Oregon Health Authority Hires New Public Health Director
The Oregon Health Authority has hired its next public health director from the Multnomah County Health Department.
Rachael Banks, public health director for the Multnomah County Health Department, will become the director of the authority’s public health division. Banks will start Oct. 27 and replace Lillian Shirley, who retires this week after seven years as the authority’s public health director.
Banks, 41, has served for three years as public health director in Multnomah County, the most populated county in Oregon. Shirley also served as public health director in Multnomah County before moving to the authority.
The authority praised Banks’ background, which includes a focus on health equity issues.
That experience was a major draw for the authority.
In a statement, authority Director Patrick Allen said Banks is “a leader with professional acumen combined with lived and worked experience around promoting equity.”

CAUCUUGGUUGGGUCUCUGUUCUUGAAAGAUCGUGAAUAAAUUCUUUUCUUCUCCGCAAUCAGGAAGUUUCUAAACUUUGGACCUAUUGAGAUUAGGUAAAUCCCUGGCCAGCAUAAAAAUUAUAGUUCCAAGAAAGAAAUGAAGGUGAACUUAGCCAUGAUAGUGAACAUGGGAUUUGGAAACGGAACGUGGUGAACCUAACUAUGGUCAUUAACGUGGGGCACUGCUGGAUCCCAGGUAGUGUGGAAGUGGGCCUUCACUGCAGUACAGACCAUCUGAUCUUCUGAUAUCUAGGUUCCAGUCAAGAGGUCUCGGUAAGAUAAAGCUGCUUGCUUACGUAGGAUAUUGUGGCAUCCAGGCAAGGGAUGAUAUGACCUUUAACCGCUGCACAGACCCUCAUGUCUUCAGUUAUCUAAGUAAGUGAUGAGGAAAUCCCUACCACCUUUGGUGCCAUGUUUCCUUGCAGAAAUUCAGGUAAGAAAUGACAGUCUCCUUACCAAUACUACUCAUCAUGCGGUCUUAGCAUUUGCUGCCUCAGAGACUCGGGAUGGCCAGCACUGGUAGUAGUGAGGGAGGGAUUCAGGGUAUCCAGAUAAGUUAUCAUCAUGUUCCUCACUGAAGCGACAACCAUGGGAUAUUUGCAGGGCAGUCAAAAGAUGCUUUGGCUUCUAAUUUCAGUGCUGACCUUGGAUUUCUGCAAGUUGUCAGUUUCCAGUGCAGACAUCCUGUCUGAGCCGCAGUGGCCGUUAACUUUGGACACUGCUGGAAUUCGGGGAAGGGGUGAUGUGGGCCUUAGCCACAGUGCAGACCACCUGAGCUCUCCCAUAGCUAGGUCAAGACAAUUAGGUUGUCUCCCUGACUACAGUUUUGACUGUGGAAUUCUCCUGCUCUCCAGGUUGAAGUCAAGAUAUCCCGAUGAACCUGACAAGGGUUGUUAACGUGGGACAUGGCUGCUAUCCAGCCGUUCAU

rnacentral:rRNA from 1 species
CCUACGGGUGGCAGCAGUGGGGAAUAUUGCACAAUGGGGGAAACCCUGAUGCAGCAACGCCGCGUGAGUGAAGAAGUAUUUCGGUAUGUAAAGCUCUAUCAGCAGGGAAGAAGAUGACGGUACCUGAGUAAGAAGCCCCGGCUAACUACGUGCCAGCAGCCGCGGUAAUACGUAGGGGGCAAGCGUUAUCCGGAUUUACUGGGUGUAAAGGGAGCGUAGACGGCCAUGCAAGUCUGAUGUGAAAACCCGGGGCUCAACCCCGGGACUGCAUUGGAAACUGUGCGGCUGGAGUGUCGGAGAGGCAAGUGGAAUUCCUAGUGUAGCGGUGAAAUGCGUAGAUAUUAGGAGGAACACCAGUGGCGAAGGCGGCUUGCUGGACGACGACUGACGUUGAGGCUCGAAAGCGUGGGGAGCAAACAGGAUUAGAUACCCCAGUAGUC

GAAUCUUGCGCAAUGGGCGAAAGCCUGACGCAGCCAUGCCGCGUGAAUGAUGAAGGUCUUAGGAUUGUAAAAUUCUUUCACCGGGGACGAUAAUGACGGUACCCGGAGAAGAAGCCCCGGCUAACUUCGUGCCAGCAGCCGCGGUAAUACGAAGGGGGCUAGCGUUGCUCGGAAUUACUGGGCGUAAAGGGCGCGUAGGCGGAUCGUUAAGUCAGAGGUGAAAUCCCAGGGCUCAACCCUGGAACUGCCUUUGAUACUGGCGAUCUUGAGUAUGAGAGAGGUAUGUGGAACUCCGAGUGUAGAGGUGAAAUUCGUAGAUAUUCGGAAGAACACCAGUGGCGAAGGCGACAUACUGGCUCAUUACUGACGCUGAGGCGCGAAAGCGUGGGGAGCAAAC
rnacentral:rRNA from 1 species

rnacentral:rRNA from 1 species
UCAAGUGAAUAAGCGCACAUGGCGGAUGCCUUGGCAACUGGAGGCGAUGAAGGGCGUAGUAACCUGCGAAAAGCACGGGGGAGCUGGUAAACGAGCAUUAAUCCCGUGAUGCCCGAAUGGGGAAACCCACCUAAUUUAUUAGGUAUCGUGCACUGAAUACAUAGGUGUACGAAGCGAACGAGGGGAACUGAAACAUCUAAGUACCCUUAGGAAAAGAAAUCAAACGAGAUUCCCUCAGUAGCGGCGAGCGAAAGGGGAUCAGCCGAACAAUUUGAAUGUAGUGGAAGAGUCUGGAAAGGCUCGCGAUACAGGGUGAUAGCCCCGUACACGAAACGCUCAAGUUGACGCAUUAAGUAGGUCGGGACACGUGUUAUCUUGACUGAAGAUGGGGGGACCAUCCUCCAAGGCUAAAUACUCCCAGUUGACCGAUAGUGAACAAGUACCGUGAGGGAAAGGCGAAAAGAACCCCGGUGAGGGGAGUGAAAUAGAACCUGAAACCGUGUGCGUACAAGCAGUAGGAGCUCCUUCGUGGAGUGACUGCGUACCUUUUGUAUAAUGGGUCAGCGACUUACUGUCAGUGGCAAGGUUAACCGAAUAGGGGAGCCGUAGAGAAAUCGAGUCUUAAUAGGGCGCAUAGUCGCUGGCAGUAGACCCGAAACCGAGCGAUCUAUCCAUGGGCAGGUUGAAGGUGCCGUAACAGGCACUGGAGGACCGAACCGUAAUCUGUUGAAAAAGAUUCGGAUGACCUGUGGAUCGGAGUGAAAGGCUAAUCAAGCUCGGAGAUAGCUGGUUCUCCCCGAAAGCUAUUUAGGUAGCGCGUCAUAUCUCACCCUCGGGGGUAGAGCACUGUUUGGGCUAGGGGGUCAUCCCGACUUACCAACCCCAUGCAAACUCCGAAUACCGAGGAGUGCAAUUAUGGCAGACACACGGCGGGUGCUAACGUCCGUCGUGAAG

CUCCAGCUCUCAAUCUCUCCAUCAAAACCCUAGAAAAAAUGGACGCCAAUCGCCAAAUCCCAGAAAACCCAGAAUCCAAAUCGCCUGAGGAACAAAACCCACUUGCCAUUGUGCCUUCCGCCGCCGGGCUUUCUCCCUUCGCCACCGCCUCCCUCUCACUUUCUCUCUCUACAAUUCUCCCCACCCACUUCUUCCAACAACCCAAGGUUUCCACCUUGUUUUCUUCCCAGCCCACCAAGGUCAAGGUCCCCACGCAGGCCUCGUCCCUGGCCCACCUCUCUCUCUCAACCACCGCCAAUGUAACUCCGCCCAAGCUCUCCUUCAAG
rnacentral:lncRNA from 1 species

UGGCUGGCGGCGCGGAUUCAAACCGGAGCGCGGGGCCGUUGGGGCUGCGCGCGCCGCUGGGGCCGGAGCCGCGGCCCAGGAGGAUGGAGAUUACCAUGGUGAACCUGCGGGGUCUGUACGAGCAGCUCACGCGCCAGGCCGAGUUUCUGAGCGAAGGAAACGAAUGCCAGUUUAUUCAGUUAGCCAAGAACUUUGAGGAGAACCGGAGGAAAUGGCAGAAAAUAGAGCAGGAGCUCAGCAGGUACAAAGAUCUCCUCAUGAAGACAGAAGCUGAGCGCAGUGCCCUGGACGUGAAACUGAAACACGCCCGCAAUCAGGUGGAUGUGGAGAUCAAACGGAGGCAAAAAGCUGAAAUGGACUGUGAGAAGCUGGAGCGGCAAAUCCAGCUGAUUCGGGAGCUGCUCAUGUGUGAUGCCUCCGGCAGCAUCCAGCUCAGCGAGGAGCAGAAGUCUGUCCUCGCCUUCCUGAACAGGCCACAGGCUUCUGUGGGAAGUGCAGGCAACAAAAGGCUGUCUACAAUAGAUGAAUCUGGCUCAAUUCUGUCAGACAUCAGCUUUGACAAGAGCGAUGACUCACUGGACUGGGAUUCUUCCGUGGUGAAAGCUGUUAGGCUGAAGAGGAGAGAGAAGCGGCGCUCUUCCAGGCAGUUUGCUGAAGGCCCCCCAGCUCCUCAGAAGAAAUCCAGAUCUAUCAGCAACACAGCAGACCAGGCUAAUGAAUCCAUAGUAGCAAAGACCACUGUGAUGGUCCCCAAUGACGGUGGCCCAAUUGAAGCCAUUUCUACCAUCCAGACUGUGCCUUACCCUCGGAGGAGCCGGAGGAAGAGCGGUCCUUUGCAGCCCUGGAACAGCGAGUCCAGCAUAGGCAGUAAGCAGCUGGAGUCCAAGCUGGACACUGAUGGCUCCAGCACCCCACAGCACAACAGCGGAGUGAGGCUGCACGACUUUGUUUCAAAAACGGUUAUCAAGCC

Banks’ annual salary will be $207,000, according to the authority. Shirley’s salary is $206,903.76.
She started at Multnomah County in 2002, working as a deputy director before becoming director in 2017. Her work included a focus on prevention of sexually transmitted infections, drug overdoses and injury prevention education for families that suffer from health inequities. She also has focused on enforcement of Oregon’s Indoor Clean Air Act, which has the goal of smoke-free workplaces and has worked with community organizations on policies to reduce chronic diseases.
Banks has worked with coordinated care organizations, health systems and insurance companies to help pregnant African-American women receive community-based care.
She developed the county’s first disparity-focused community health improvement plan and oversaw culturally specific strategies to reach minority and marginalized groups, including Black people, Latinx people and Native Americans.
Banks’ work on the COVID-19 pandemic included policy work and the creation of metrics to ensure that the county meets the needs of minorities and people of color during the reopening process.
“Rachael’s perspective and skills on these and other critical agency efforts, such as our strategic plan and the roll out of our performance management system, will be an essential component of my leadership team, particularly as the state continues the reopening process and prepares for eventual recovery from the COVID pandemic,” Allen said.
Banks received a bachelor’s degree in psychology from Gonzaga University in 2001 and a master’s degree in public administration from Portland State University in 2012.